After testing, if you find the Ohms readings are out of specification then it’s time to change the coil, it’s as simple as that!


T3 Ignition checks – HT Leads

HT leads, simple concept, it’s a wire that carries the high voltage produced by the ignition coil and sends it to the distributor cap and then on to the spark plugs.

Whenever we get a T3 with a petrol engine in for rough running this is one of the first tests we do, check the resistance of the HT leads.

The T3 HT leads are made up from a few components, the connection to the distributor cap, the connection to the ignition coil, the spark plug connector and the cable itself.

Each connector has some built in resistance to help with radio interference, generally the ignition coil and the distributor cap connectors generally have a 1KΩ [one thousand ohms] and spark plug connectors have 5KΩ [five thousand ohms]

The cable itself has a copper core and should have no resistance.

This means a king lead [lead from coil to cap] should have a total resistance of 2KΩ [1KΩ + 1KΩ + 0Ω=2KΩ]


Then, each HT lead [Cap to spark plug] should have a resistance of 6KΩ [1KΩ for the cap connector, 0Ω in the cable and 5KΩ in the spark plug connector]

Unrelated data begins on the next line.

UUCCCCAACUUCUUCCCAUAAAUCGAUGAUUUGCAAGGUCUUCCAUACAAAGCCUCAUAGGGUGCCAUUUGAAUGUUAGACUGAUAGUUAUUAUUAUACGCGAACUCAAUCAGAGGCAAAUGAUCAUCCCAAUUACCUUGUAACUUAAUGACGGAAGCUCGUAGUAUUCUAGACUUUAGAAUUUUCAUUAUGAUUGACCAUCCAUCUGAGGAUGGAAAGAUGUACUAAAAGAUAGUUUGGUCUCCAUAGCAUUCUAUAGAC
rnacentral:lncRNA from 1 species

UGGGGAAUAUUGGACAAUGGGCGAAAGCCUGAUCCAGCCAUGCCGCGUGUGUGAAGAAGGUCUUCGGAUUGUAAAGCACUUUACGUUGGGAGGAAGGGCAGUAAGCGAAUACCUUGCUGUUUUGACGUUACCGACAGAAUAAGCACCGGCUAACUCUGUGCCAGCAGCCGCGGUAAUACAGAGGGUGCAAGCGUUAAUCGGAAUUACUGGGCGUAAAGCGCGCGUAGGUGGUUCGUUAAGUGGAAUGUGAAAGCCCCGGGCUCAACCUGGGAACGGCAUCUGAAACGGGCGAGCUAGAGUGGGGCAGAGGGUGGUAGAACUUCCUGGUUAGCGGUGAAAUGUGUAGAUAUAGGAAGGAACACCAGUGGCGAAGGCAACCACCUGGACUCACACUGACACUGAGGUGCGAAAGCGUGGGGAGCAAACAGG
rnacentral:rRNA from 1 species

Checking is simple with your multimeter, select the correct scale for measuring 6KΩ and test each lead individually. You are not looking for exactly 2KΩ for the king lead, but somewhere very close, ditto for the HT leads, you probably won’t achieve 6KΩ exactly but they should generally all be even and around that figure.

VW made the leads in the manner so that each spark plug receives an even voltage, if one lead has a higher electrical resistance then the it’s associated spark plug will receive a lower voltage and result in rough running.

We often find vans here with “Silicone” leads and simple crimped brass connectors, Silicone HT lead is usually resisted along it’s length meaning that the longer the cable the greater the resistance and as you know with a T3 engine you have 2 short leads and 2 long leads, which if you absorbed what was said above will result in uneven voltages at the spark plug! We do not advise people use silicone leads on T3 models.


Checking HT lead, this one is a little high for us and will be replaced.
Checking HT lead, this one is open circuit and the source of the misfire on this particular vehicle.

It is also worth visually checking the leads to make sure the electrical connectors are in good condition as sometime the saw tooth ratchet mechanism for the later pin type connectors fail and cause loose connections.

Cap and coil connectors from left to right
Cap and coil connectors from left to right DIN 90°, DIN straight, Sawtooth 90°, straight sawtooth and in the foreground is a cheap none resisted item found on cheaper leads.

You can find HT leads here for..

Aircooled 2.0l CU vans here.

Early T3 1.9l with DIN type connections here.

Late T3 1.9l and 2.1l with saw tooth connections here.

Even Oettinger WBX6 here.

You will also find a range of HT lead components for making your own here